The best part? The episodes are all under 5 minutes, so they're easy to sprinkle throughout the day whenever we need to work out some wiggles (without adding a lot of screen time to our schedule).

    Whether you're looking for simple alternatives to P.E. and sports or simply need fun ways to help your child burn off energy after a day of socially distanced school, Nike's PLAYlist is a fun, kid-friendly way to get everyone moving.

    Need more movement inspiration for fall? Here are 5 ways my family is getting up and getting active this season:

    1. Go apple picking.

    Truly, it doesn't really feel like fall until we've picked our first apple. (Or had our first bite of apple cider donut!) Need to burn off that extra cinnamon-sugar energy? Declare a quick relay race up the orchard aisle—winner gets first to pick of apples at home.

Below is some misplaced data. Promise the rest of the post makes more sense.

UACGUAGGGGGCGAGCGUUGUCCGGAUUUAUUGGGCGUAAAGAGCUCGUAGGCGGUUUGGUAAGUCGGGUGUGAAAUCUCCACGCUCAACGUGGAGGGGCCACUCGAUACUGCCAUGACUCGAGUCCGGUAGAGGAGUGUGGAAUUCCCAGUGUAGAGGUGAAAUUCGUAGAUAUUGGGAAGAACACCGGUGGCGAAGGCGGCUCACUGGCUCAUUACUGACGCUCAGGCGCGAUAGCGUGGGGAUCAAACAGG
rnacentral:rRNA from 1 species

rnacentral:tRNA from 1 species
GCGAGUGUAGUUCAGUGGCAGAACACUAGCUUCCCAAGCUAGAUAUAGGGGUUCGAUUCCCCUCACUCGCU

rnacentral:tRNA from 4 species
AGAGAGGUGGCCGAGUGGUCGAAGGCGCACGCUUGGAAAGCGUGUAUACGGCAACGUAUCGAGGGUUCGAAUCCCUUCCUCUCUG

To wear: These Printed Training Tights are perfect for when even a casual walk turns into a race (and they help my daughter scurry up a branch for the big apples).

    2. Visit a pumpkin patch.

    We love to pick up a few locally grown pumpkins to decorate or cook with each year. Challenge your child to a "strongman" contest and see who can lift the heaviest pumpkin while you're there.

    To wear: Suit up your little one in comfort with this Baby Full Zip Coverall so you're ready for whatever adventures the day brings.

    3. Have a nature scavenger hunt.